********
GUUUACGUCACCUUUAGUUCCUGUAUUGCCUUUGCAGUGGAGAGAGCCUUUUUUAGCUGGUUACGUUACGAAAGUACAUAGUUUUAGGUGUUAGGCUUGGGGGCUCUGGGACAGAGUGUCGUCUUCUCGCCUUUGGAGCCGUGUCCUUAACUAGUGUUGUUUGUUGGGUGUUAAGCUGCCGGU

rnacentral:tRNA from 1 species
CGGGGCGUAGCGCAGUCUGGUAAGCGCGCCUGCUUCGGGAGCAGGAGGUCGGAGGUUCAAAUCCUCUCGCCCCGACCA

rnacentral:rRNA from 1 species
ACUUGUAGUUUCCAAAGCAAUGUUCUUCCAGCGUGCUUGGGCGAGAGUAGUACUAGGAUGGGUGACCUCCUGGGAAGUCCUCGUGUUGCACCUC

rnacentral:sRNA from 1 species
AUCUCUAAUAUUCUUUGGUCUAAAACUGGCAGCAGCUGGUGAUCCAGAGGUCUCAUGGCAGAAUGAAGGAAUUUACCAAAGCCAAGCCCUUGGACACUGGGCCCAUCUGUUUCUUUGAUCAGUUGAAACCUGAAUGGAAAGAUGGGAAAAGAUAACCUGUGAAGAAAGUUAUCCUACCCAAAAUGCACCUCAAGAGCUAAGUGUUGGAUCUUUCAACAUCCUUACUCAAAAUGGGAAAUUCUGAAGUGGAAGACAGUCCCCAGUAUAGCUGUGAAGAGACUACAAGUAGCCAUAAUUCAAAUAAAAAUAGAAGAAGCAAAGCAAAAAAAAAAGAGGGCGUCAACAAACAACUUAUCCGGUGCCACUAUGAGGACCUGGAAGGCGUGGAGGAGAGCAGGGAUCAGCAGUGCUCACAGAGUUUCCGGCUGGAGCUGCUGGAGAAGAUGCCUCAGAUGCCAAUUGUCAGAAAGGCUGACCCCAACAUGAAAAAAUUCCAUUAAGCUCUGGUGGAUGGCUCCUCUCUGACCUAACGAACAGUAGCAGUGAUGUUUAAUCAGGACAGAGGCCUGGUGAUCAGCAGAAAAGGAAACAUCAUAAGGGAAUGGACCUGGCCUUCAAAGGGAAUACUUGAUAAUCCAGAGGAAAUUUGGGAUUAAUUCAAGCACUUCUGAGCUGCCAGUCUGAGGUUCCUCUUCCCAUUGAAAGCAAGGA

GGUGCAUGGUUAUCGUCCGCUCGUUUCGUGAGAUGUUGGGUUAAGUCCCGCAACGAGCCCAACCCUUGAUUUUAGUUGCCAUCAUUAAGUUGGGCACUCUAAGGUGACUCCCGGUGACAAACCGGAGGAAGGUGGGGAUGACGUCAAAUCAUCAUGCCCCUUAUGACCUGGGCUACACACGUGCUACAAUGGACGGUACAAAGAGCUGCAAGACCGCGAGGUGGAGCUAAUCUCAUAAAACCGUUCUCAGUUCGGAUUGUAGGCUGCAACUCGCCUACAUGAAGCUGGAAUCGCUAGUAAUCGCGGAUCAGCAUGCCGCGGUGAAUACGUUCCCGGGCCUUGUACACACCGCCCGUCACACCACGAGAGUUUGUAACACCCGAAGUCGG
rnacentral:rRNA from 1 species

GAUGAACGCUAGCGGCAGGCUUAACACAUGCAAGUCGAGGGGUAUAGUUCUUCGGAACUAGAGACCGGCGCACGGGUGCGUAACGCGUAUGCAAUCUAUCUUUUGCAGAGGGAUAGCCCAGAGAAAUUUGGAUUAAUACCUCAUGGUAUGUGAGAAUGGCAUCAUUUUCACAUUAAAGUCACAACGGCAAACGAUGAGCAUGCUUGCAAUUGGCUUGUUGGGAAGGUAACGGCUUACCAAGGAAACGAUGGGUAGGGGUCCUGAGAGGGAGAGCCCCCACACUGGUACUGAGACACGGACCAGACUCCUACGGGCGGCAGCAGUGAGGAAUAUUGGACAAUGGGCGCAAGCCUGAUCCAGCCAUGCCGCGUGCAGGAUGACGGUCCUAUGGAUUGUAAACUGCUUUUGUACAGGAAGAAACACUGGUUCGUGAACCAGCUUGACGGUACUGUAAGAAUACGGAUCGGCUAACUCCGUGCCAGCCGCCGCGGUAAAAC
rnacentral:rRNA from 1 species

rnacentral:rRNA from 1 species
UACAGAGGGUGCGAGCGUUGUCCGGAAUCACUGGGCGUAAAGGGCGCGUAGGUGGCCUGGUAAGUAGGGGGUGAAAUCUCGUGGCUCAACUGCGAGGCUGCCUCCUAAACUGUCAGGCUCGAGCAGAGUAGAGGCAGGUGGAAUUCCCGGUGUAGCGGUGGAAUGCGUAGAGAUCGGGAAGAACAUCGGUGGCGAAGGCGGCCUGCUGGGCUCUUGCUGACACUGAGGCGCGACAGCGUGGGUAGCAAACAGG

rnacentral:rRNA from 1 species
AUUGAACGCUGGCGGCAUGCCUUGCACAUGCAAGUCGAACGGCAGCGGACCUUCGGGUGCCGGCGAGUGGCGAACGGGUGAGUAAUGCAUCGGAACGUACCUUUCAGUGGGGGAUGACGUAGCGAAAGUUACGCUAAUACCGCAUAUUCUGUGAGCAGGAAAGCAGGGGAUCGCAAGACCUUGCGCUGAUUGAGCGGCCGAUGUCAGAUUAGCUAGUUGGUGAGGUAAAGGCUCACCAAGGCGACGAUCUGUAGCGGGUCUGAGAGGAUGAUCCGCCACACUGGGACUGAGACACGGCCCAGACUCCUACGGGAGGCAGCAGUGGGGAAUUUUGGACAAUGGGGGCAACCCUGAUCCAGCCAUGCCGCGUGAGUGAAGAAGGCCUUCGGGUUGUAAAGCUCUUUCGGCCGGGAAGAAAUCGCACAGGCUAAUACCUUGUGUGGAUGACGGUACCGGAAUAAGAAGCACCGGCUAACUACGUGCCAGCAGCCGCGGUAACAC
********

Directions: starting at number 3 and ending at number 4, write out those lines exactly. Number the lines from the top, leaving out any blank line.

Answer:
CGGGGCGUAGCGCAGUCUGGUAAGCGCGCCUGCUUCGGGAGCAGGAGGUCGGAGGUUCAAAUCCUCUCGCCCCGACCA

rnacentral:rRNA from 1 species